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German: Schädel

1 Definition

The skull is a segment of the human skeleton composed of 22 flat or irregularly shaped individual bones, the cranial bones. With the exception of the mandible, all cranial bones are immovably connected to each other.

2 Background

The information on the number of cranial bones in the literature varies frequently. This is partly due to the fact that some authors also count the hyoid bone (Os hyoideum) and the auditory bones (Ossicula auditus) among the cranial bones.

According to the terminologia anatomica, the hyoid bone also belongs to the cranial bones. It is the only bone in the human body that has no connection to another bone.

3 Anatomy

The skull is divided into the cranium and the facial skull. The connection between Os sphenoidal and Os ethmoidale in the area of the skull base marks the transition from the brain to the facial skull. Different skull shapes can also be differentiated on the basis of different bone measuring points.

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3.1 Cerebral Skull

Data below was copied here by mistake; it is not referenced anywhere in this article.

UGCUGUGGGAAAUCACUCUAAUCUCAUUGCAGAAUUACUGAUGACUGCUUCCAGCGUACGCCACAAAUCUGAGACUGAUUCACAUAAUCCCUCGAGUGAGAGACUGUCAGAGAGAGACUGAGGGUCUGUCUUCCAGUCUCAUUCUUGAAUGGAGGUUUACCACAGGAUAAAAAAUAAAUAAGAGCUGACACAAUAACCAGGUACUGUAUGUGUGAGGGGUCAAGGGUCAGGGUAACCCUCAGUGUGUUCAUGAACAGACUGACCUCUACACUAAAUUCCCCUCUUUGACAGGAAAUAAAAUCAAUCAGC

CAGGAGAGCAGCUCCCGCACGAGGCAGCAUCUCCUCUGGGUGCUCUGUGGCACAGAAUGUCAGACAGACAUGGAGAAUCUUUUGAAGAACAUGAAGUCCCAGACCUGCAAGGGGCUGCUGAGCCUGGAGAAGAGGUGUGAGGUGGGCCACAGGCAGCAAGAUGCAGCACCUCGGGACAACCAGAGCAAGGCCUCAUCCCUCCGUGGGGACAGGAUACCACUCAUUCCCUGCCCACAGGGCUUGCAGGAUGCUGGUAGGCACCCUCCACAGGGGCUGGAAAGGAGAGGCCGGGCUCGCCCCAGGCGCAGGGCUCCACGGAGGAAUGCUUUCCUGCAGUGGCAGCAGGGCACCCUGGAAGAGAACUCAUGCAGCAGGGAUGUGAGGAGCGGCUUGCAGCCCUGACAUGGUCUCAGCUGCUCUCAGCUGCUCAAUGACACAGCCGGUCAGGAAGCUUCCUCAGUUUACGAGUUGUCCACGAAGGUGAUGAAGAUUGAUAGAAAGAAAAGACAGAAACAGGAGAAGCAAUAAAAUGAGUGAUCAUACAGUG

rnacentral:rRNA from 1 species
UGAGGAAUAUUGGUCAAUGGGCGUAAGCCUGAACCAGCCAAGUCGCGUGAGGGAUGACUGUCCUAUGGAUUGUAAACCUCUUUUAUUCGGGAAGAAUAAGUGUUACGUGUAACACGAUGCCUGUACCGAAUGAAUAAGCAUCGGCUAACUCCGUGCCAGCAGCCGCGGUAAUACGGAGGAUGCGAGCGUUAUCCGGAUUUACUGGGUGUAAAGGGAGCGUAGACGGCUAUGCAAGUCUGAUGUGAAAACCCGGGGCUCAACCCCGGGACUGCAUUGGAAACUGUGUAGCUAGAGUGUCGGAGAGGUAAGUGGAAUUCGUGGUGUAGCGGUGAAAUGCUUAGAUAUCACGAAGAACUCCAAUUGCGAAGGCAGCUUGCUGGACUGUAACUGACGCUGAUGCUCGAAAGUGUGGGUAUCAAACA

The cerebral skull (Neurocranium) can be subdivided into the cranial base (Basis cranii) and the cranial roof (Calvaria), also known as the "skull calotte". It consists of seven bones:

3.2 Facial Skull

The facial skull (viscerocranium) forms, as the name suggests, the bony base of the face and forms the eye cavity, mouth cavity and nasal cavity.

It consists of 15 bones:

The border between the cranium and the skull is best seen in the side view. In humans, it runs from the upper margin of the eye cavity (orbita) to the upper margin of the outer auditory canals (Meatus acusticus externus). The facial skull is therefore located ventral and caudal of the brain skull.

4 Embryology

The cranial bones are formed by desmal or chondral ossification from the desmocranium and the chondrocranium. The facial skull develops mainly from the desmocranium, while the brain skull is formed from portions of desmocranium and chondrocranium.

5 Skull Growth

The infant has not yet completely ossified the skull. Between the individual skull bones there are bone gaps which are bridged by flexible connective tissue. They are called fontanelles. As the growth continues, the fontanelles gradually close and the skull completely ossifies. With the help of the suture one can also later detect the individual plate bones of the brain skull in the adult skull.


Specialties: Anatomy

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